Daily Market Report - 18/02/2015

British consumer price inflation eased last month to its lowest level since records began in 1989 and looks set to slow further, lifting voters' disposable incomes as national elections approach. Annual CPI fell to 0.3 percent in January, Tuesday's official figures showed, down from 0.5 percent in December.

The fall largely reflected a slide in oil prices, which last month hit a near six-year low below $45 a barrel, as well as lower food costs. Finance minister George Osborne welcomed the figures, published less than three months before the election, as boosting households' spending power after years of weak wage growth.

Economists expect data on Wednesday to show wages rose 1.8 percent in the three months to December, which would be the fourth straight month of above-inflation increases. CPI models for periods before official estimates were produced showed inflation was last lower in 1960.

Easing inflation could delay a first Bank of England interest rate rise since the financial crisis, though for that to happen the price falls would have to spread beyond food and energy and show signs of becoming self-reinforcing.Stripping out energy and food, prices rose last month by 1.4 percent, a three-month high.

Food and non-alcoholic drink prices, pushed down by a supermarket price war and low commodity prices, fell 2.5 percent, the biggest drop on record. Last week, BoE Governor Mark Carney said inflation would probably soon fall below zero due to tumbling oil prices, but the Bank also forecast a rebound to its 2 percent inflation target in about two years' time.

German investor confidence rose to the highest level in a year in February, buoyed by the imminent arrival of fresh central-bank stimulus. The ZEW Center for European Economic Research in Mannheim said on Tuesday that its index of investor and analyst expectations, which aims to predict economic developments six months in advance, climbed to 53.0 from 48.4 in January. Economists had forecast an increase to 55.0.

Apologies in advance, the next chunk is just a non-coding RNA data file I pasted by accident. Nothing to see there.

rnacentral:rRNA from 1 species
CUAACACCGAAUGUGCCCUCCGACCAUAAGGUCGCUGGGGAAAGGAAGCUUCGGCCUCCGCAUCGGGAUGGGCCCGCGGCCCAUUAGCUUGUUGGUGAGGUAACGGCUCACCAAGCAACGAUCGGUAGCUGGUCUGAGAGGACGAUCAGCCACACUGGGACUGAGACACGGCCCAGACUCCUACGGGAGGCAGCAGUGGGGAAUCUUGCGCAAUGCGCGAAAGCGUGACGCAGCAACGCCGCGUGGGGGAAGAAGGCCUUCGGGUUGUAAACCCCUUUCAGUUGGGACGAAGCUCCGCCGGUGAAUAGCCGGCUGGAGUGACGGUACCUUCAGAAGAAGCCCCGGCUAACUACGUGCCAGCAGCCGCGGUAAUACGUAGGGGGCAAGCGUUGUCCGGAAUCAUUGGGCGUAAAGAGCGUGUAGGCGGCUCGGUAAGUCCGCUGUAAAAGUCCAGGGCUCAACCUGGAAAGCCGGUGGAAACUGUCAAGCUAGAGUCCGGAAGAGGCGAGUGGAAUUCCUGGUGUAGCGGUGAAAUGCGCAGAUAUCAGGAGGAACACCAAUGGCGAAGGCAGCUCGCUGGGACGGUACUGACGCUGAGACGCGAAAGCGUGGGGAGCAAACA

Growth accelerated at the end of last year in Germany, the region’s largest economy, helping the rest of the currency bloc to better-than-forecast output. With oil prices and the euro sinking, and the European Central Bank scheduled to start quantitative easing next month, investors have stayed upbeat even as the mounting risk of a crisis in Greece threatens renewed turmoil. 

A gauge of the current situation climbed to 45.5 in February from 22.4 the previous month, ZEW said. A measure of expectations for the euro area rose to 52.7 from 45.2. The survey of 227 analysts was conducted from Feb. 2 to Feb. 16. 

The outlook for the Euro-zone remains clouded by the intensification of the Ukraine crisis and the “collision course” of Greece’s new government, ZEW President Clemens Fuest said in the report. Even so, ZEW economist Michael Schroeder said German investors are relatively relaxed on Greece. 

Key Announcements:
GBP- 09:30 :Bank of England Meeting Minutes
GBP- 09:30 :Unemployment claimant count change (Jan) expected to rise to -25K from -29K
GBP- 09:30 :UK ILO Unemployment Rate 3M Dec expected to remain unchanged at 5.8%
USD- 14:15 :US Industrial Production expected to rise to 0.3% from -0.1% 

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